Since it was our 47th wedding anniversary, Pat and I went to dinner Monday night at that great Italian place in Clinton. We ate on the patio. In the opposite corner was a family of four — parents and a teenager of each gender. Before we got there, some guy who was riding a bike along the sidewalk recognized the family and stopped to talk. In fact, he parked the bike and sat down on the brick wall and made himself comfortable. The father in the family act, pretty much ignoring everyone else at the table, spend the time shooting baseball trivia questions at the visitor. I found this a little off-putting, both because he was talking loud enough for us to hear and because of the quality of the questions. What left-handed pitcher won the most games lifetime? Puh-leez! Give me something I can work with, will ya? (By the way, that was Warren Spahn with 363, which is also the greatest number of wins by any pitcher who spent his entire career in the live-ball era.)

Now, me? I would have asked him about Allen Travers, capisce? I was thinking about Travers the other night when the announcers on the Yankee broadcast were obsessing over the fact that Phil Hughes had thrown 106 pitches in a game for the first time this season.


Besides making me worry that Hughes might have to spend the rest of his life with a prosthetic arm, that conversation got me to thinking about all the great performances that would never have taken place if the pitch count had been a part of baseball from the beginning.

I was thinking, for example, about Eddie Rommel — later an American League umpire — who spent 12 years pitching for the Philadelphia Athletics and supposedly invented the knuckle ball as we now know it. In 1932, Rommel came in in relief against the Indians in the second inning, behind 3-2. He pitched 17 innings, gave up 29 hits and 15 runs, and won the game 18-17. The 29 hits allowed is still the single-game record.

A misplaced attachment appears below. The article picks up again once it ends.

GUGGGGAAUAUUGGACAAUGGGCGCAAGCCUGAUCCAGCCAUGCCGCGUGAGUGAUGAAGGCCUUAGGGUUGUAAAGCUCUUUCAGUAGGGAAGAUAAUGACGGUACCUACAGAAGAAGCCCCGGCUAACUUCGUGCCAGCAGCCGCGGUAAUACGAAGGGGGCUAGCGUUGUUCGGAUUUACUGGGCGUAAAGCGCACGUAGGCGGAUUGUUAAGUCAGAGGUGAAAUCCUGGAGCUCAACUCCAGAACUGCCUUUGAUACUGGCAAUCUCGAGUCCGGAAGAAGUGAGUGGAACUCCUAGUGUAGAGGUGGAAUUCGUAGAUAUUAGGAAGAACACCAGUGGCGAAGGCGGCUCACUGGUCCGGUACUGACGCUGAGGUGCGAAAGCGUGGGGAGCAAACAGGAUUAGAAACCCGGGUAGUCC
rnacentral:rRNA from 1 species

Travers was a different matter. He was a student at St. Joseph’s College in Philadelphia in 1912 when Ty Cobb of the Detroit Tigers went into the stands at Hilltop Park in New York to pummel a New York Highlanders fan who had been verbally abusing him during a game. It turned out that the fan had lost one hand and several fingers from the other hand in an industrial accident. Ban Johnson, president of the American League, suspended Cobb indefinitely. When the Tigers were supposed to play the Athletics in Philly a couple of days later the team announced that they wouldn’t take the field until Cobb was re-instated.


The League told the Tigers they faced a $5,000 fine and would forfeit every game until there were players. To avoid the penalties, the Tigers enlisted Allen Travers — non-playing manager of the St. Joseph baseball squad — to round up a team off the streets and sandlots of Philadelphia. The nine guys were signed by the Cardinals. Travers was on the mound, and no one counted his pitches. He pitched eight innings and gave up 24 runs, which is still the major league record. The Athletics won the game, 24-2.

Travers later became a Jesuit and taught in college and high school in New York and Philadelphia. The 24 runs allowed wasn’t his only record. He was also the only major league player to become a Catholic priest.

But who’s counting?

You can read a fuller account of Father Travers’ experience by clicking HERE.